Comunidades were formed in Goa thousands of years ago to bind us with the earth. Comunidades set fundamentals on which humans lived with each other and nature and espoused the concept of caring is sharing with divinity being the core.
The system of Comunidade living was discovered by the Portuguese when they came to Goa and its basics were primarily left untouched because the threads of societal involvement were clear and clean.
Land in Goa before the advent of the Portuguese belonged to Comunidades and all the inhabitants were recognised as Ganvkari. A Ganvkari was given land to build a dwelling for him and land to cultivate. The produce from the land cultivated was shared with the Comunidade, which, in turn, shared it with the Ganvkaris of the Comunidade and this was termed as “jono”.
Comunidade land cannot be sold but can be handed over to an inheritor for use. In case the lineage ends, the land needs to be reverted back to the Comunidade which then would allot it to another Ganvkari. Comunidades have earmarked land to build infrastructure for the benefit of respective communities.
Comunidade land can never be sold or leased. The Supreme Court of India in a judgement mentioned that Comunidade land is “inalienable”. Comunidades have a ‘Codigo de Comunidade ‘ a constitution of their own.
The Code of Comunidades existed in spirit and it was put into letter by the Portuguese in 1961 a few months before they left Goa. This Codigo of Comunidades became the ‘Code of Comunidades’ after the Government of Goa translated it to English in June 2012 and the authenticity of the translation is debated even today.
There are 223 Comunidades in Goa and each elects a president, attorney and treasurer for a four-year term. The Governor appoints an administrator. The Comunidades are run by the Committee elected during the AGM.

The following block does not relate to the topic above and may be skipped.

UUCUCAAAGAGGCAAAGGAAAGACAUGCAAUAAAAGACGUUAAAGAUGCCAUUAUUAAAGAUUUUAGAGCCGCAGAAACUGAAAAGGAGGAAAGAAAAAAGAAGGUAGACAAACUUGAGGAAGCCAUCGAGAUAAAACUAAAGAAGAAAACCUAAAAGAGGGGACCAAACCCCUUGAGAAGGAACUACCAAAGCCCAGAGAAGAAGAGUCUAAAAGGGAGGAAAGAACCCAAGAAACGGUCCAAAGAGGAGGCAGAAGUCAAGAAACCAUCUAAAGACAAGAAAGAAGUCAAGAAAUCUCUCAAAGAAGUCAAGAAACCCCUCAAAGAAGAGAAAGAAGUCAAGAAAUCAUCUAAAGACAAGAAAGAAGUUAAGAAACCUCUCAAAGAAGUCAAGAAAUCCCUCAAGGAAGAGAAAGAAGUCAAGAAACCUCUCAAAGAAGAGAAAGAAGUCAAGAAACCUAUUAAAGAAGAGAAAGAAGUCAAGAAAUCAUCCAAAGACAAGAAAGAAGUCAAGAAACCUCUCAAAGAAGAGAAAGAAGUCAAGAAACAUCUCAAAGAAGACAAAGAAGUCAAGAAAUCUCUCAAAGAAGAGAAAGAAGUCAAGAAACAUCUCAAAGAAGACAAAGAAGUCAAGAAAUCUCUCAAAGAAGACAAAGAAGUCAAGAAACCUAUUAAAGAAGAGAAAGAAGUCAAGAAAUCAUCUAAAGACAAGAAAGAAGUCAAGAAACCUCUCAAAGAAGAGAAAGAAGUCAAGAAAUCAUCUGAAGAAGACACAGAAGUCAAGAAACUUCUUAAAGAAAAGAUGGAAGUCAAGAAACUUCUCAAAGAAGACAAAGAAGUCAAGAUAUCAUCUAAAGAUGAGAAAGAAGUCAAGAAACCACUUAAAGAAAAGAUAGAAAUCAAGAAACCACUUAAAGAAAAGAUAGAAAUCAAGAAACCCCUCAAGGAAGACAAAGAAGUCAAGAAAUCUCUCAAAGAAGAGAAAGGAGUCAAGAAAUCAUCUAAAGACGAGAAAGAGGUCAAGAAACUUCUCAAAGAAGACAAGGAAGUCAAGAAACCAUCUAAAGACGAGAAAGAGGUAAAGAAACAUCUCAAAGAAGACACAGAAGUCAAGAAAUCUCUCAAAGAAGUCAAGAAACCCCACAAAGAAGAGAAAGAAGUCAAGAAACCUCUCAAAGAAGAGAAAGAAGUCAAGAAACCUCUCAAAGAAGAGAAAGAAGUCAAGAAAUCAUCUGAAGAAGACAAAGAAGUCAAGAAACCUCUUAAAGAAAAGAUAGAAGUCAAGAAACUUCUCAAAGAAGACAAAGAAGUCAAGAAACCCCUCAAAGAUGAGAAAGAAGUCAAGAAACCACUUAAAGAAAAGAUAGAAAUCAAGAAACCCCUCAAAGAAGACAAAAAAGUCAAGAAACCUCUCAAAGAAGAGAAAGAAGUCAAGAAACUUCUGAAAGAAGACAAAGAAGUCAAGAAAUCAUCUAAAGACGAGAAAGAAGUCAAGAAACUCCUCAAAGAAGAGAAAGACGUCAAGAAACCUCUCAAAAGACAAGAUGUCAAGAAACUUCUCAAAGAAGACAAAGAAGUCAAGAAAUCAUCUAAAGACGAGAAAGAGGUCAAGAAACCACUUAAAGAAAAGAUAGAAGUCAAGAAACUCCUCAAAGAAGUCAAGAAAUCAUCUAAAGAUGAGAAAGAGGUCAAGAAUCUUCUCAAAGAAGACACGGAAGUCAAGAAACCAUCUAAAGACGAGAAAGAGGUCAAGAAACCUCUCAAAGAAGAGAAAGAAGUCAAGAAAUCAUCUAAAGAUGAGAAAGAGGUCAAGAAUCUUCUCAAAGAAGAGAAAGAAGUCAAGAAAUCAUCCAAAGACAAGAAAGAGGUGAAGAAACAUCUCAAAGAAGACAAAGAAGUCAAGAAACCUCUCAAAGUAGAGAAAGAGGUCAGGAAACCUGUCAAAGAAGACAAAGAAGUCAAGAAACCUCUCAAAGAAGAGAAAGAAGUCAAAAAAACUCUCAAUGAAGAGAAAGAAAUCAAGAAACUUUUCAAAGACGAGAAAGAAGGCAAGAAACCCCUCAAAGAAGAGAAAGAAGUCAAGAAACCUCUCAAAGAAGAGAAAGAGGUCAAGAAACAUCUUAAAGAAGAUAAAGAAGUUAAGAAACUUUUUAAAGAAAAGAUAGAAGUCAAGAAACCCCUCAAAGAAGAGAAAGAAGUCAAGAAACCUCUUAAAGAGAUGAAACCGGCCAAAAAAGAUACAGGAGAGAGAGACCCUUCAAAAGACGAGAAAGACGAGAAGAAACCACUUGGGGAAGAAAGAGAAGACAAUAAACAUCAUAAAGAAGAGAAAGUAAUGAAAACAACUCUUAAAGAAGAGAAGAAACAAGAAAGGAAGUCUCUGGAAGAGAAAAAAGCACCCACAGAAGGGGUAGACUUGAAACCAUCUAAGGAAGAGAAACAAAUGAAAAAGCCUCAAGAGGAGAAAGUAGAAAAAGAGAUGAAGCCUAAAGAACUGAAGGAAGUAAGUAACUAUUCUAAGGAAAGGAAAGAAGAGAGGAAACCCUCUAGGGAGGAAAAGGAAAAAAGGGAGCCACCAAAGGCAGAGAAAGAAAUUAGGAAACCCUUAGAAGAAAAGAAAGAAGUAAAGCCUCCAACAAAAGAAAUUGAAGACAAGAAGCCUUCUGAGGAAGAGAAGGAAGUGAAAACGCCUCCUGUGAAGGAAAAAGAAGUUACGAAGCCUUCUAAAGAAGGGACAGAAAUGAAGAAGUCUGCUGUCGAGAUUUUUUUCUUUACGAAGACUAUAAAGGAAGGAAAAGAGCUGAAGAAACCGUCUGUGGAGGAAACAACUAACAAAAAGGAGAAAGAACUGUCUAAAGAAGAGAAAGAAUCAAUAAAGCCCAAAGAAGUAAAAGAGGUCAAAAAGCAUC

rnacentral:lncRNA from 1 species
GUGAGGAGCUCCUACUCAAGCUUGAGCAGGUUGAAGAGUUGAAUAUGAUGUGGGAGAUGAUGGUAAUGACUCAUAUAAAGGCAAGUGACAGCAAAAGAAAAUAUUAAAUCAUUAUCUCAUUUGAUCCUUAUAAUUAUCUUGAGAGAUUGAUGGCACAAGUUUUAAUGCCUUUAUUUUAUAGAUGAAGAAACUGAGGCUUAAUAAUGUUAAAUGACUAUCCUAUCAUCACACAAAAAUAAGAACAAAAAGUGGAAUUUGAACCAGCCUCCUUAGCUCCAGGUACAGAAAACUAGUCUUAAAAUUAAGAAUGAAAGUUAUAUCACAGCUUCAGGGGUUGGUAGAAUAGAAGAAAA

A council of Comunidades is then elected for a period of five years and this council is the General Body capable of making amendments to the Code of Comunidade and recommending the same to the Governor of Goa.
Land in Goa is vested with Comunidades and still is. Comunidades before the Portuguese used to pay protection money to the feudal lords and the latter started collecting money in the form of taxes for protection.
Folklore states that a Ganvkari would not pay his tax to the Portuguese if his produce was robbed and that explained why theft and robberies were unheard of during their reign. After the departure of the Portuguese, The Governor of Goa became the administrator of Comunidades and taxes are still being paid.
Comunidades in Goa originally consisted of Ganvkaris. Through time, some Comunidades incorporated the system of having shareholders. Shares could be sold and bought between Ganvkaris but the Ganvkari was supreme – only Ganvkari had the right to vote and be part of the Executive Committee.
Through the years, there has developed a strained relationship between Ganvkaris and shareholders with the former drawing a parody between child and adopted child.
The ethos of the existence of Comunidades has changed and not evolved through the years, with the premium on land in Goa increasing. With the demand for land and with most land in Goa belonging to Comunidades there are instances wherein Comunidade land has been usurped. And, we are not talking of small areas but lakhs of acres of Comunidade land that has fallen out of the preview of Ganvkaris through misappropriation where some Ganvkaris are also involved.
Comunidades in Goa started being eyed by those keen on growing overnight rich by exploiting Comunidade land for private benefit and it led to many Ganvkaris wanting to distance themselves from the mess which led to an alienation of the basics of community living -- where love for one's land was the seed of happiness.
Noticing the disquiet, the Government is trying to step in and take control of Comunidades. The government is trying to take control by attempting to make amendments to the Code of Comunidade through the Legislative Assembly which per se is illegal as Comunidade is an entity protected by the Constitution of India.
This attempt by the Government has awakened the silent Ganvkaris and other components of Comunidades with over 283 members physically attending two fellowships and 60 following online. Ganvkaris and shareholders have now decided to take the fellowship to every taluka in Goa with an aim to awaken the spirit of Ganvkaris in all.
Comunidade was formed by our elders to foster a bond between land and almighty to sculpt the identity of Goans. Ganvkaris are in the process of awakening that identity.